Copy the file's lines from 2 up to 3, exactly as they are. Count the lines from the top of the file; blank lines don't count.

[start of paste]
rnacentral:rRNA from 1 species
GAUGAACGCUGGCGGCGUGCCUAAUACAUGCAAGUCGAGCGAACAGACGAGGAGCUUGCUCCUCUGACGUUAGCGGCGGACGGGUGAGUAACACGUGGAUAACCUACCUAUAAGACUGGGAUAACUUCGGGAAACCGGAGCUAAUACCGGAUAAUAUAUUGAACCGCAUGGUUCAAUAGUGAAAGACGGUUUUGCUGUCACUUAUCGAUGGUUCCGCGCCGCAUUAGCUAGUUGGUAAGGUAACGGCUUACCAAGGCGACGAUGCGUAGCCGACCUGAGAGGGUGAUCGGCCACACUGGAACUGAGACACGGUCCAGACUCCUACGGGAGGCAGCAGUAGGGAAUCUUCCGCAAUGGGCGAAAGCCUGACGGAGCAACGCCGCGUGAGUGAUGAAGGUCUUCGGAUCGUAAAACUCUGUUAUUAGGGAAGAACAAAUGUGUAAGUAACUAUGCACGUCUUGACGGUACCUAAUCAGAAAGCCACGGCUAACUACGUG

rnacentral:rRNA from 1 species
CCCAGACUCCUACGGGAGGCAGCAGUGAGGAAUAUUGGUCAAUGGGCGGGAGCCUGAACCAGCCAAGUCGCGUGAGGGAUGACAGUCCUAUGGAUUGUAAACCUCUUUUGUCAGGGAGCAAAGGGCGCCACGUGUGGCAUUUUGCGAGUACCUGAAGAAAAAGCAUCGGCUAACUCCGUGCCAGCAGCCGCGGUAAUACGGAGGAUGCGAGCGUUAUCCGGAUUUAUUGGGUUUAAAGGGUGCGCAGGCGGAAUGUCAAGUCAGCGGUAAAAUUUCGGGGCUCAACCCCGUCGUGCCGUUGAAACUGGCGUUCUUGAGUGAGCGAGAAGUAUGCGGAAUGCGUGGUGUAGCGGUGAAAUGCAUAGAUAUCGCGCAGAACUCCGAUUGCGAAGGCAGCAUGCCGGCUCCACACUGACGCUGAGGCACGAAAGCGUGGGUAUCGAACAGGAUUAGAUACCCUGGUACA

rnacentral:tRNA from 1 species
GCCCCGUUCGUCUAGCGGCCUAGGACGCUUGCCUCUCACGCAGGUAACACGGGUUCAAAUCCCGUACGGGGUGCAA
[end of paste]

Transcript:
GAUGAACGCUGGCGGCGUGCCUAAUACAUGCAAGUCGAGCGAACAGACGAGGAGCUUGCUCCUCUGACGUUAGCGGCGGACGGGUGAGUAACACGUGGAUAACCUACCUAUAAGACUGGGAUAACUUCGGGAAACCGGAGCUAAUACCGGAUAAUAUAUUGAACCGCAUGGUUCAAUAGUGAAAGACGGUUUUGCUGUCACUUAUCGAUGGUUCCGCGCCGCAUUAGCUAGUUGGUAAGGUAACGGCUUACCAAGGCGACGAUGCGUAGCCGACCUGAGAGGGUGAUCGGCCACACUGGAACUGAGACACGGUCCAGACUCCUACGGGAGGCAGCAGUAGGGAAUCUUCCGCAAUGGGCGAAAGCCUGACGGAGCAACGCCGCGUGAGUGAUGAAGGUCUUCGGAUCGUAAAACUCUGUUAUUAGGGAAGAACAAAUGUGUAAGUAACUAUGCACGUCUUGACGGUACCUAAUCAGAAAGCCACGGCUAACUACGUG

rnacentral:rRNA from 1 species